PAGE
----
Vacation Planning in 2020

Posted by Ann Conner on Jul 14, 2020 8:04:00 AM
Ann Conner
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by Larry Claflin Jr.

Planning a vacation in the middle of a global pandemic with limited travel options?

With air travel and public transportation risky, the US/Canadian border closed to all nonessential traffic and a recent ban on Americans traveling to European Union countries, one option is to take a road trip in the vast United States.

Here are some tips to remain safe while having fun during your journey:

Take the road less traveled

Consider driving to less-popular destinations. Maybe choose a rural, mountainous region rather than a beach destination teeming with families and large groups. Not only will you avoid unnecessary contact, but you may discover new hidden gems.

Why not rent a car?

For an additional change of scenery and added treat, renting a car may be an option. According to a Business Insider story, car rental agencies are offering significant rental car deals and savings for the summer season and beyond. Why not upgrade?

Renting an RV is an alternative as well. With this type of vehicle, food and bathroom breaks will be reduced, but, according to the CDC, RV parks can often be crowded during the summer months.

Anticipate Travel Needs

Here are things to consider before you hit the road, according to a recent post from The Mayo Clinic:

  • Plan to make as few stops as possible, but stop driving if you become drowsy.
  • Be sure to pack cloth facemasks and alcohol-based hand sanitizer in an easily accessible spot so that you can use them during the trip as necessary.
  • Prepare food and water to take on the trip. Consider including nonperishable items to tide you over in case access to restaurants and grocery stores is limited.
  • Pack cleaning supplies, including a disinfectant and disposable gloves, if you'll be staying at a hotel or other lodging.
  • When you need to get gas, use a disinfectant wipe on handles or buttons before you touch them. After fueling, use hand sanitizer. And when you get to where you're going, use soap and water to wash your hands for at least 20 seconds.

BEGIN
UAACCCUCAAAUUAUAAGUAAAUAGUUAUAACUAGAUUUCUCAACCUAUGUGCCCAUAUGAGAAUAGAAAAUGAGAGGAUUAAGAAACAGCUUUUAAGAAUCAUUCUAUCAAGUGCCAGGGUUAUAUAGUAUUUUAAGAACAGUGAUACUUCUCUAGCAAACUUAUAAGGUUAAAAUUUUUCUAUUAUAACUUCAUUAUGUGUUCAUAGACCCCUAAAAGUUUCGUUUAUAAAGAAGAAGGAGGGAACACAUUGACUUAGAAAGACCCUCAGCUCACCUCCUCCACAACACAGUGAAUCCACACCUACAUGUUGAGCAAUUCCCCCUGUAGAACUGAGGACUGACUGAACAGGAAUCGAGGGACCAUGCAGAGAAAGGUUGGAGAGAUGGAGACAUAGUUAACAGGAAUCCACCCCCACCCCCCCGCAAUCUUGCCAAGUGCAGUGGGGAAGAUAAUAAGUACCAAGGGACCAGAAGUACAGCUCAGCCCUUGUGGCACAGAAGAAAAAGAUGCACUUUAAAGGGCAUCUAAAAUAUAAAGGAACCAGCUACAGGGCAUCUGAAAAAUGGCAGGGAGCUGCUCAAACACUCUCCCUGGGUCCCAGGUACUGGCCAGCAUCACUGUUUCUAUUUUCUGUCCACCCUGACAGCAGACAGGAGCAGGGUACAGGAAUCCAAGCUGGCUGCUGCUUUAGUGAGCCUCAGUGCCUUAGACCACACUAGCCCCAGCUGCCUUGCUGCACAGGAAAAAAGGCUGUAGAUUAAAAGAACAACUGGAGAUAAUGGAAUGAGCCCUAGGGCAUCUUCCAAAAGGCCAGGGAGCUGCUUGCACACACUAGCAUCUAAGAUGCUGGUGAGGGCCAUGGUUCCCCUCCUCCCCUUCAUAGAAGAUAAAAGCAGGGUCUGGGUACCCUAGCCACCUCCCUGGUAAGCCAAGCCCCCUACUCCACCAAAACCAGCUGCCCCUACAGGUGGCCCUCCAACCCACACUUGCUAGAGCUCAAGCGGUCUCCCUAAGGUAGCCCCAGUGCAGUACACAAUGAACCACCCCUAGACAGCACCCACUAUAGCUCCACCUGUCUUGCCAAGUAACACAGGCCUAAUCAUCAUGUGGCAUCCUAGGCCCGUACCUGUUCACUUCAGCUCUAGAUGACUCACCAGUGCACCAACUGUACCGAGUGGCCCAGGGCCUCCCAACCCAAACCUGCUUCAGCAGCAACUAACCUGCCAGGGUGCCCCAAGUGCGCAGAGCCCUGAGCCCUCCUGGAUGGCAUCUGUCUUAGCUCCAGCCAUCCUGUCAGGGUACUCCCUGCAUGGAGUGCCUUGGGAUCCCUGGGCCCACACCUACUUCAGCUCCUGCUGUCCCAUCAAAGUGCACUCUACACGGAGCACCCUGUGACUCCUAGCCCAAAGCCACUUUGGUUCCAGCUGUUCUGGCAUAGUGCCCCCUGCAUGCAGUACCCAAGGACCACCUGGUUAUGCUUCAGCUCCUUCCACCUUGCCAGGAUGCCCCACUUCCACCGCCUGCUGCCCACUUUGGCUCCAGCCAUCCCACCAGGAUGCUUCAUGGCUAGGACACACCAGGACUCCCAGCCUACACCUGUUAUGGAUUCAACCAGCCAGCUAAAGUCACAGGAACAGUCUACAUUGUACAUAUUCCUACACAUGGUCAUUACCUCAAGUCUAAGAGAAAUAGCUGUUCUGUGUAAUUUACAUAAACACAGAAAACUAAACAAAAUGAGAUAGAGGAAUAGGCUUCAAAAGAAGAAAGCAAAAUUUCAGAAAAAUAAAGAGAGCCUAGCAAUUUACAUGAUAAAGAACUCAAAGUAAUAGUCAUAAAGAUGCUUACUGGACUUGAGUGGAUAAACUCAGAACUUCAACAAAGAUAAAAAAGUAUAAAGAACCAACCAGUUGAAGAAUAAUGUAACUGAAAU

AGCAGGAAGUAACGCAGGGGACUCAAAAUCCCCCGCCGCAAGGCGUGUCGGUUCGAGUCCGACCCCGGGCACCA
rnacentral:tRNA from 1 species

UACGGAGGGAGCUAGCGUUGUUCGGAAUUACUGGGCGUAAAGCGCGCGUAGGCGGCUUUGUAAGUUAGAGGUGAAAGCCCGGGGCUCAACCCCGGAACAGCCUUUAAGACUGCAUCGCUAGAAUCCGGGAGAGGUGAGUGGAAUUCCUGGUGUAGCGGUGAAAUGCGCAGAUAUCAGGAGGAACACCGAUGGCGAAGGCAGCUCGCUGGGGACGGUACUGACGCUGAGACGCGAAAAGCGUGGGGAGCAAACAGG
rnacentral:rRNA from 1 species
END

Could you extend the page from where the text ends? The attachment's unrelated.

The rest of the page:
• If you choose to pick up a meal on the road, opt for restaurants that offer drive-thru or curbside service.

Avoid campgrounds

In its post, the CDC does not recommend campgrounds. While it may seem like an opportunity to relax and maintain social distance, it presents risks associated with common areas and shared facilities, such as restrooms, picnic, and exercise areas.



The CDC has recommendations for hotel stays, including:

  • Use options for online reservation and check-in, mobile room key, and contactless payment.
  • Before you go, call and ask if all staff is wearing cloth face coverings at work.
  • Look for any extra prevention practices being implemented by the hotel, such as Plexiglass barriers at check-in counters, and physical distancing signs in the lobby.
  • Ask if the hotel has updated policies about cleaning and disinfecting or removing frequently touched surfaces and items.
  • Minimize use of areas that may lead to close contact with other people as much as possible, like break rooms, outside patios, inside lounging areas, dining areas/kitchens, game rooms, pools, hot tubs, saunas, spas, salons, and fitness centers.
  • Consider taking the stairs. Otherwise wait to use the elevator until you can either ride alone or only with people from your household.
  • Choose contactless options, when possible
  • If you are considering cleaning your travel lodgings, see CDC’s guidance on how to clean and disinfect.

Stick to the plan

It’s important to make a plan ahead of time and not deviate from it, so you come home in the same shape you left.

  • Keep your circle small and travel with your partner or family you’ve been with during pandemic.
  • This is no time to take unannounced detours; have a solid itinerary, communicate it to your travel partners and agree on it.
  • Whatever precautions you practice at home, take them on the road.
  • Rather than stopping off at that popular tourist spot, devise games to play during your road trip, or return to old favorites like counting license plates from other states.
  • Bring cards, board games and crafts for the kids to keep you all occupied once at your destination.
  • Get outside safely: Whether picnicking, hiking or boating, be sure to remain socially distant from others.

New look

Vacation will look different this year, but it will still be fun. With a little planning and extra attention to the details, there are still great options to relax, disconnect, and recharge.

Topics: Clinical Research, Pharmaceuticals, biotechnology, vacations

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